In order to facilitate clean error catching and messaging to users, JavaScript code often makes a "preflight" check when making cross-domain requests. A preflight request is always done when the request will write data. Preflight requests are done by performing an HTTP OPTIONS request.

Request Example

OPTIONS /
Host: viaf.org 
Origin: http://www.librarywebchic.net/ 

The server will respond with a set of headers that tell the client which operations it is allowed to perform on that resource.

Response Example

Access-Control-Allow-Origin: *
Access-Control-Allow-Methods: GET

However, GET and HEAD requests from a JavaScript don't typically do the preflight check.

CORS has several advantages over JSONP.

  1. It gives API developers the ability to make both read and write operations available to client-side API consumers.
  2. It gives API developers the ability to tightly control which client-side application can perform particular operations on particular resources. For example, you may only want domains you control to be able to write data via CORS.

For a more in depth look at CORS, take a look at the HTML5 Rocks site's Using CORS Tutorial.

JSON-LD Support

JSON-LD stands for JavaScript Object Notation for linked data. It is a way of encoding linked data using JSON. The goal of JSON-LD is to allow developers to transform their existing JSON documents to JSON-LD with as little effort as possible. We've talked about techniques for doing this in an earlier post, "Retrofitting an Existing API with JSON-LD".

JSON-LD can be consumed in a couple ways. First, if a client wants to treat the JSON-LD as a graph, then it can consume JSON-LD using a linked data JavaScript library, such as rdflib.js. Second, if the JSON-LD is framed in an object-oriented fashion, clients can consume it using typical JavaScript JSON parsing techniques. Consuming JSON-LD in a graph-oriented way has many advantages, including the ability to expand the scope of the graph on demand.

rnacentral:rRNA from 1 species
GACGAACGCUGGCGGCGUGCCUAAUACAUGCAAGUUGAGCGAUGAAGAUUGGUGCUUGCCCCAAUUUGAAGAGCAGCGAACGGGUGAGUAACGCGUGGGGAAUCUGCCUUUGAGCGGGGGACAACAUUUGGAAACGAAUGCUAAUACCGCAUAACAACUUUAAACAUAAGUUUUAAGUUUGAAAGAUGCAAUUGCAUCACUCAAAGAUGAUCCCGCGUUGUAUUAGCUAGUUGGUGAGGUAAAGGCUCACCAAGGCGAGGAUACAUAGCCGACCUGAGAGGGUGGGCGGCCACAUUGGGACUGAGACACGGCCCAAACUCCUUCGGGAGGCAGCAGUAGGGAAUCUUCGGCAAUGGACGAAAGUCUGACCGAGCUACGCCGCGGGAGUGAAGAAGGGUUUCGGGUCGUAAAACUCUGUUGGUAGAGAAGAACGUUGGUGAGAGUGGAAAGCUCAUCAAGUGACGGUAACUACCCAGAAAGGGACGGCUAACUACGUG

Cache-Control

Cache-Control is a header that allows API developers to define which resources can be cached, by whom and for how long. This is done via the Cache-Control header, which contains a number of directives. A few key directives are as follows:

  • Max-age: The period of time that the response may be cached for, in seconds
  • No-cache: Response can be cached, but requests for the same URL must check with the server to see if response has changed
  • No-store: Response cannot be cached
  • Public: Response can be cached (this typically doesn’t appear in responses because the presence of a max-age directive implies that a response is cacheable)
  • Private: Responses can only be cached in a browser but not in an immediate cache (this typically is a response that contains user data)

When a client application makes a request to an API, the API returns a response with a specific Cache-Control header.

Example

Request

GET /viaf/102333412/ HTTP/1.1
Host: www.viaf.org 
Accept: application/ld+json

Response

HTTP/1.1 200 OK
Server: Apache-Coyote/1.1
Content-Location: viaf.jsonld
Cache-Control: max-age=604800
Expires: Thu, 04 Aug 2016 17:49:05 GMT
Content-Type: application/ld+json
Transfer-Encoding: chunked
Date: Thu, 28 Jul 2016 17:49:05 GMT

Cache-Control is very useful for client-side applications because it allows developers to store data locally. By storing data locally, client-side applications are able to improve the performance of their applications.

In my next post, I'll look at an example application that leverages the fact that VIAF has added support for these technologies.

  • Karen Coombs

    Karen Coombs

    Senior Product Analyst